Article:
With the tax deadline just two months away, now is the time to prepare—ready or not! Now that W-2 earned income forms have been distributed, as an HR professional, you can do your employees a favor by sharing a few tips designed to help ease the stress of tax preparation.
Helping Employees Navigate Tax Preparation
The tax-filing deadline is fast approaching. Many experts consider this the ideal time for employees to look over their W-2 forms and make changes in order to prepare for next year’s taxes. There are several key areas in which to focus:
Review Withholdings. Some employees receive an unpleasant shock when preparing their income taxes: they may be withholding too little to offset taxes owed. Some people have the opposite problem and withhold too much. In December, the IRS released a new 2020 Form W-4 (Employee’s Withholding Certificate) that contains revisions designed to make income-tax reporting more accurate. The new form includes tax code changes and substitutes more straightforward questions for complicated worksheets in order to ensure simplicity, accuracy and privacy for employees, and also helps reduce the burden on employers and payroll processors. In addition, there’s a new online tax withholding estimator that offers recommendations on adjustments. With too few people withholding the correct amount from their paychecks, this is a good time to educate employees on the importance of reviewing paycheck withholdings and contributions to retirement accounts.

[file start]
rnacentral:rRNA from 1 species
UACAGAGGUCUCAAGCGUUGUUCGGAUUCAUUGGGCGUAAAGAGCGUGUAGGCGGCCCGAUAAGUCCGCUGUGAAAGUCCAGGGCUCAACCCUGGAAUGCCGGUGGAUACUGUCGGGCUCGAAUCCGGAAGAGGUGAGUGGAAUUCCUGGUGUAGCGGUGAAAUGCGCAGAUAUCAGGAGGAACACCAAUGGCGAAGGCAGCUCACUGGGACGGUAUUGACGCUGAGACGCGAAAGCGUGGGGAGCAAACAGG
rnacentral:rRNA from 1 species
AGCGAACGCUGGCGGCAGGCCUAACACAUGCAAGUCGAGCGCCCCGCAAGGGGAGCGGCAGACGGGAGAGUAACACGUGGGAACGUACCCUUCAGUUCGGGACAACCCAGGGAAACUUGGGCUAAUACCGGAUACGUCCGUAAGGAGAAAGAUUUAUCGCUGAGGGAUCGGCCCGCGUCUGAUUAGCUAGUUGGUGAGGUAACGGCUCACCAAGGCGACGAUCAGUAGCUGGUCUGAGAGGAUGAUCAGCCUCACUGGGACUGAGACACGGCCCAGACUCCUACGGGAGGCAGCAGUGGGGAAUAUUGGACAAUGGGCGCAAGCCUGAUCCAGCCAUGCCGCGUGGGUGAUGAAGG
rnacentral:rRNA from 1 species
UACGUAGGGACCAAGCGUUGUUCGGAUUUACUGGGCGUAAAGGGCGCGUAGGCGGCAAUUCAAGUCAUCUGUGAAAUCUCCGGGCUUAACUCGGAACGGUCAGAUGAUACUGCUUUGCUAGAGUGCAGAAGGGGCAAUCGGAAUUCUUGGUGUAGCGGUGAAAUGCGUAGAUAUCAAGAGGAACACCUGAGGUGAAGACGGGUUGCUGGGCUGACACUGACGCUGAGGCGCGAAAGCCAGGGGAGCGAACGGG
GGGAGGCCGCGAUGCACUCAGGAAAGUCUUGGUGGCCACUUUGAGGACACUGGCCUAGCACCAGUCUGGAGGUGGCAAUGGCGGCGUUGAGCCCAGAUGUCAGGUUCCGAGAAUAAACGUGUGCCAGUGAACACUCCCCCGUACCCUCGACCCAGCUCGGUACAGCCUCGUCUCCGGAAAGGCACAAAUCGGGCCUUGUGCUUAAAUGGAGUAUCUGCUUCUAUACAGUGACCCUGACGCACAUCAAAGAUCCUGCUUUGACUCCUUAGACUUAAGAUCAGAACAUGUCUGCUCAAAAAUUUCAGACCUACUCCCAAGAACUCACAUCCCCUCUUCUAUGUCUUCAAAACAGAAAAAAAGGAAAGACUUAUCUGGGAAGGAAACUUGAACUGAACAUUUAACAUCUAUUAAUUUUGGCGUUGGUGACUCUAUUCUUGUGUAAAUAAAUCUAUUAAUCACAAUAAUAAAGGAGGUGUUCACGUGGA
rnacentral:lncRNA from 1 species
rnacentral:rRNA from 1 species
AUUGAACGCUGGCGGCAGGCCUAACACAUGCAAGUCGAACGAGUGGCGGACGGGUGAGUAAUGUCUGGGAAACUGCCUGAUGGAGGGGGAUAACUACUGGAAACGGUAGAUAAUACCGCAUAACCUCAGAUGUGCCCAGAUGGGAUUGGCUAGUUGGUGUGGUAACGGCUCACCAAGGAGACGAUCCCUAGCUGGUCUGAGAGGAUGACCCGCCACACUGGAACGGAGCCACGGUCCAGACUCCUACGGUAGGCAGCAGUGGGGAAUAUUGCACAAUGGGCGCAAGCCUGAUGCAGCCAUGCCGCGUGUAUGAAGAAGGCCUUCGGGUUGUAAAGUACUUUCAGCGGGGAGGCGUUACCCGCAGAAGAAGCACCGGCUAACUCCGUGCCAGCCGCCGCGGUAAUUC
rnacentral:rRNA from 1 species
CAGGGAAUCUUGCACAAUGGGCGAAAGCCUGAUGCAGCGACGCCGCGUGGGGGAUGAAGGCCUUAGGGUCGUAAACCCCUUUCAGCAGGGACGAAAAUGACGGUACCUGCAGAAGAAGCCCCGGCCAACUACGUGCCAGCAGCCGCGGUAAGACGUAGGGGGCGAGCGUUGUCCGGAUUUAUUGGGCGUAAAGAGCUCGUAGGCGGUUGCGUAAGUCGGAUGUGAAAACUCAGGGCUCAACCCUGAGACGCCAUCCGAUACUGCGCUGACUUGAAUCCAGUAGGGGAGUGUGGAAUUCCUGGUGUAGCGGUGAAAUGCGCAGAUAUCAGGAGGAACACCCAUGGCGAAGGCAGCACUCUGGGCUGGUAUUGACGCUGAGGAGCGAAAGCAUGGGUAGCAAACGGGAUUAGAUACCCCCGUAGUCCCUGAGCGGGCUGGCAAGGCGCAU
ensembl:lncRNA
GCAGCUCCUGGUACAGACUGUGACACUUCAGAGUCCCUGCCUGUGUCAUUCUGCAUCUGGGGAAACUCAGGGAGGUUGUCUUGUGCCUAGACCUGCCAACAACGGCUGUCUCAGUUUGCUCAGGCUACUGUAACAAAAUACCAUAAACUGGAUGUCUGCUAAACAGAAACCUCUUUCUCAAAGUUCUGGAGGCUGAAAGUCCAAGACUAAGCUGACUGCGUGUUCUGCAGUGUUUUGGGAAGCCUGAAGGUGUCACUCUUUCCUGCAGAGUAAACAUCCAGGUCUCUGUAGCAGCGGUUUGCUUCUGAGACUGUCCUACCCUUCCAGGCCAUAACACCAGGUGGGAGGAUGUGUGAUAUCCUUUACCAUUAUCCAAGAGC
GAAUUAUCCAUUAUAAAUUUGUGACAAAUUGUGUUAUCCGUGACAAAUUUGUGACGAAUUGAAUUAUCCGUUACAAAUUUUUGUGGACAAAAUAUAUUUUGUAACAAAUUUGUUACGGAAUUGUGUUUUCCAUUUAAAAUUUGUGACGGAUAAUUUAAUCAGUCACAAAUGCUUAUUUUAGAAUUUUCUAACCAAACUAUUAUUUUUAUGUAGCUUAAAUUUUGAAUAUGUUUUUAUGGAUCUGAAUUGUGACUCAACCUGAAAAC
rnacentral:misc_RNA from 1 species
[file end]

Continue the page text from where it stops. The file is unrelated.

- IRS Free File. Employees earning less than $69,000 in 2019 can prepare and electronically file their federal tax returns at no cost through the IRS Free File program. This service simplifies the process, gathering all forms and doing all the math. In addition, state returns can be prepared for free or a fee. Be sure to let eligible employees know about this valuable service.
- Check Benefits Reporting. It’s important for employees to check the wages reported on their W-2 forms to confirm that all eligible benefits were pre-taxed. Errors may result in higher tax liabilities. Be sure to check contributions to health savings accounts (HSA) and 401(k) plans.
- Use HSAs for Last-Minute Withholding. Employees who didn’t withhold enough from their 2019 pay may still be eligible to make contributions to HSAs right up until the tax-filing deadline (April 15) as long as they have not met the maximum contribution threshold ($3,500 for self-coverage and $7,000 for family coverage in 2019). Last-minute contributions can be allocated to the previous tax year in order to reduce the employee’s tax burden.
Helping employees with tax tips may not technically be a part of your job description, but it can help ease their stress and result in less work for you in the long run.